The tax credit cap each year for all eligible improvements is $1,200, unless are qualifying heat pump is included. There are a variety of home envelope improvements like insulation, air sealing, energy audits, windows/doors/skylights, and HVAC efficiency upgrades that are eligible tax credits, but the annual cap is $1,200.

There are also tax credit limits for certain types of HVAC equipment. For example, qualifying air source heat pumps has a tax credit of 30% of the project cost with a maximum of $2,000. A high efficiency gas furnace and central air conditioner each have a tax credit 30% of project cost or maximum tax credit of $600. The cap for a qualifying air conditioning system and furnace is $1,200 each year.

The third type of limit is an aggregate limit. The overall total limit on any combination of efficiency improvements is a maximum tax credit in one year is $3,200. To achieve this maximum tax credit the job must include a qualifying heat pump.

HVAC Tax Credit Infographic


The tax credit rewards the installation of a qualifying heat pump. An electric heat pump is an all-in one heating and cooling unit, essentially an air-conditioner that runs in two directions. Heat pumps operate by using the ambient air temperature outside and either absorbing or releasing heat to the indoors. It is important to note that not all mini splits are heat pumps. Some mini splits are cool only. In other words, they do not provide heating. To be eligible for a tax credit a mini split must be a heat pump capable of both heating and cooling.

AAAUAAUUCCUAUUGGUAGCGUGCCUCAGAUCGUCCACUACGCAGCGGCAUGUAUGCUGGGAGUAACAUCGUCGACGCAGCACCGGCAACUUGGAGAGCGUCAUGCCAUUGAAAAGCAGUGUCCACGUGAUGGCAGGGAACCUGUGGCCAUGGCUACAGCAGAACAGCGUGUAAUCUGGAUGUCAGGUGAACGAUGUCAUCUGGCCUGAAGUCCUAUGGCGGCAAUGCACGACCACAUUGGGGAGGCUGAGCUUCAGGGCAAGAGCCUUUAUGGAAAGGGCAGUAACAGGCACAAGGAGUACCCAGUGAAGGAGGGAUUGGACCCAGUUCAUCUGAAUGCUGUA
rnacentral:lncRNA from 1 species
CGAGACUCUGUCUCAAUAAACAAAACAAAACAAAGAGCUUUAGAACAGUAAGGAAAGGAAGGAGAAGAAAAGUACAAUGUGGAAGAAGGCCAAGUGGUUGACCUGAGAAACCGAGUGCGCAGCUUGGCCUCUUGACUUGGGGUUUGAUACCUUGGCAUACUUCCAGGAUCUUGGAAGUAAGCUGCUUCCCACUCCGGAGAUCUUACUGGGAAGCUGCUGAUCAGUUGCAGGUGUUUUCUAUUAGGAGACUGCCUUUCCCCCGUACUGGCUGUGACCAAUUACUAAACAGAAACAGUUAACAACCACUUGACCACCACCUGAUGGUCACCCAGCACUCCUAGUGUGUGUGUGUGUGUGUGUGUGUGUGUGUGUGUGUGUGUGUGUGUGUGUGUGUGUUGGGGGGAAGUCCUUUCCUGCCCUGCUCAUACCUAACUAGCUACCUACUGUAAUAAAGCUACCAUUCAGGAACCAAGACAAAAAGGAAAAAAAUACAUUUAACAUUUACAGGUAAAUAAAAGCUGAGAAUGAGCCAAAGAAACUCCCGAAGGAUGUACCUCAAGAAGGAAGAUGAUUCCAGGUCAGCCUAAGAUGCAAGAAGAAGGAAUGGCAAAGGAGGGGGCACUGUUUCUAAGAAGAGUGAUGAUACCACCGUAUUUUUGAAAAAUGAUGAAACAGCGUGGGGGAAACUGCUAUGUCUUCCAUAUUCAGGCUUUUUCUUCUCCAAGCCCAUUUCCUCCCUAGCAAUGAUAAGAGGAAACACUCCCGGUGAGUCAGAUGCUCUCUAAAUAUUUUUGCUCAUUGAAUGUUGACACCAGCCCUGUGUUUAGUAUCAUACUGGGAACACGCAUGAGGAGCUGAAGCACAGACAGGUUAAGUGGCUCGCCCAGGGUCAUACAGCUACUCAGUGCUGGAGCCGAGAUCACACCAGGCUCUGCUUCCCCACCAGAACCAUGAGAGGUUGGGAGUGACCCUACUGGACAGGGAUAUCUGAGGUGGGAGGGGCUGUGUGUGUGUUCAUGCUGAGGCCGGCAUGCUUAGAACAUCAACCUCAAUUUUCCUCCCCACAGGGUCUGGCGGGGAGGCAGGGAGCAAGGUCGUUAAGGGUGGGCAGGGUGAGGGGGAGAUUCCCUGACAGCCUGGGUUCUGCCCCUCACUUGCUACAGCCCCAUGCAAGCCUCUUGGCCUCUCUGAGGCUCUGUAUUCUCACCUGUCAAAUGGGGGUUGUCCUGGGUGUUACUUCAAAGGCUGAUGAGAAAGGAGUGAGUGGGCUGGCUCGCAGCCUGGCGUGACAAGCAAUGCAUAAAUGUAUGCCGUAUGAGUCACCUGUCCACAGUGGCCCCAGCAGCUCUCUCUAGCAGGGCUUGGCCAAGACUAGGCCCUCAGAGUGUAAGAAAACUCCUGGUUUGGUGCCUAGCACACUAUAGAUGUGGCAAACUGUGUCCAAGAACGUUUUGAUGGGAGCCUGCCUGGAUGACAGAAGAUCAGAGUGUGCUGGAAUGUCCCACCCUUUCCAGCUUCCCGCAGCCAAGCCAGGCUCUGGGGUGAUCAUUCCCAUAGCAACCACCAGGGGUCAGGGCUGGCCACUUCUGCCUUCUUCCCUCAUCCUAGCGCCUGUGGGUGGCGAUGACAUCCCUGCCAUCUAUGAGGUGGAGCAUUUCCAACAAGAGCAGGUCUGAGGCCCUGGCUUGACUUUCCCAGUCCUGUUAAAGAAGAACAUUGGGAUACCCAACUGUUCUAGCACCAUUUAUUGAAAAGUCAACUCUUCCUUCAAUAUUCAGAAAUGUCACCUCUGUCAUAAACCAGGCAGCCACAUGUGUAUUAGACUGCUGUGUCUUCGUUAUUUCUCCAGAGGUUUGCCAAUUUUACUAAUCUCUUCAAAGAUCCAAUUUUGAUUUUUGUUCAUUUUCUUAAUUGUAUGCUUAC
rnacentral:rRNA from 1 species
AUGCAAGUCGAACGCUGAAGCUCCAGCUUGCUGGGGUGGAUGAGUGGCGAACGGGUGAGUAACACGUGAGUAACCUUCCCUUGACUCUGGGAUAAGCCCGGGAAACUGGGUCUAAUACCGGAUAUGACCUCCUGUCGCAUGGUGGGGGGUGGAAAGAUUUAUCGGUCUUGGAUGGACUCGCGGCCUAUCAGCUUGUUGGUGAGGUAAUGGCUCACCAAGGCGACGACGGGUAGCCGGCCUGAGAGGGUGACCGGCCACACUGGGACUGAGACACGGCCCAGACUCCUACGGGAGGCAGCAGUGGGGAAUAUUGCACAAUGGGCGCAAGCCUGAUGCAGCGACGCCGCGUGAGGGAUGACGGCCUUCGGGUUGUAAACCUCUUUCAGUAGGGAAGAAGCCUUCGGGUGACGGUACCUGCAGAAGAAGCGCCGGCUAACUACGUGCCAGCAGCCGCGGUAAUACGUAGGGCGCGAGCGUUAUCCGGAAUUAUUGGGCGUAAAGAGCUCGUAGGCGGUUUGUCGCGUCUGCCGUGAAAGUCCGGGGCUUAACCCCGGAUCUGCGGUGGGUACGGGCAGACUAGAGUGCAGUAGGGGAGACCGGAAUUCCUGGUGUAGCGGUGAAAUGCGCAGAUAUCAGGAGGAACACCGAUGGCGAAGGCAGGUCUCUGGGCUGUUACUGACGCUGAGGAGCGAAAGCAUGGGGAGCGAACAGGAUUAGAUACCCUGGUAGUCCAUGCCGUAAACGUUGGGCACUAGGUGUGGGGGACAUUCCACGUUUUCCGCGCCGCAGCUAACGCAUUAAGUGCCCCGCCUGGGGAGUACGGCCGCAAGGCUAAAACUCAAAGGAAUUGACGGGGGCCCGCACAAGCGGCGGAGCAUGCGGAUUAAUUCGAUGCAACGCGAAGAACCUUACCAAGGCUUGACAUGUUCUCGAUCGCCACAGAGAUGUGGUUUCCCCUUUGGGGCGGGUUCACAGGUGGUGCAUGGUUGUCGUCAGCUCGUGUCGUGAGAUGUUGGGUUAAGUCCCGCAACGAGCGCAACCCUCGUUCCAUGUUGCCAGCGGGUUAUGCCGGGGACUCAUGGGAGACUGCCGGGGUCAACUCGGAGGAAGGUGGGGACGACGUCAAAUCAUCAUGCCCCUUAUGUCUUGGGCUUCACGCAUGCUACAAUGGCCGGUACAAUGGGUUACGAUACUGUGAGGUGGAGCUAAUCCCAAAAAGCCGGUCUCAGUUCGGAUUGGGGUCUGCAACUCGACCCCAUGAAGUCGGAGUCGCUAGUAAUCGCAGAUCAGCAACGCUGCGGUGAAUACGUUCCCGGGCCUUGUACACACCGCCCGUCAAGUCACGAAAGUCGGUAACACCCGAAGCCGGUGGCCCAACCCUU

By using cleaner energy sources (typically electricity), heat pumps are more sustainable than other HVAC systems. Furthermore, the latest models can perform effectively in cold climates. Read The New York Times article on heat pump performance in cold climates.

Read This Article

Heat pumps, air conditioning systems, and gas furnaces must be high efficiency to qualify for tax credits. All manufactures should provide a list of equipment that meets the efficiency standards for tax credits. In general, all ducted heat pumps that have earned the Energy Star label are eligible. Air source heat pumps must be certified SEER2 ≥16, EER2 ≥ 12 ≥ and HSPF2 ≥ 9. Most mini split heat pump systems easily satisfy these requirements.

Central air conditioning systems must be SEER2 > 16 to be eligible. All Energy Star certified packaged heat pump systems are also eligible. Gas furnaces are required to meet a very high efficiency standard to be eligible for a tax credit. Energy Star certified gas furnaces must have an AFUE of ≥ 97%. It is important to keep in mind that a gas furnace that meets this requirement is significantly more expensive than a traditional gas furnace.


Tax credits are administered by the Internal Revenue Service (IRS). The tax credits are only available to a homeowner’s principal residence. Taxpayers will need a manufacturer’s certification statement from the manufacturer certifying that the product or component qualifies for the tax credit. Your contractor or the manufacturer’s website should provide this documentation. Taxpayers must keep a copy of the certification statement for their records, but do not have to submit a copy with their tax return. You will have to claim the credit using the form below and submitting it with your tax returns to the IRS.

Advantage Home Performance encourages homeowners to double check with your tax professional before you make a significant purchase or submit any tax forms.

Form 5695 Instructions


Contact our HVAC and Insulation estimating team today to learn more about how tax credits can best be used to improve your home’s comfort and efficiency.

You can also visit the following government websites to gather more in-depth information about all of the tax credits for envelope and equipment improvements.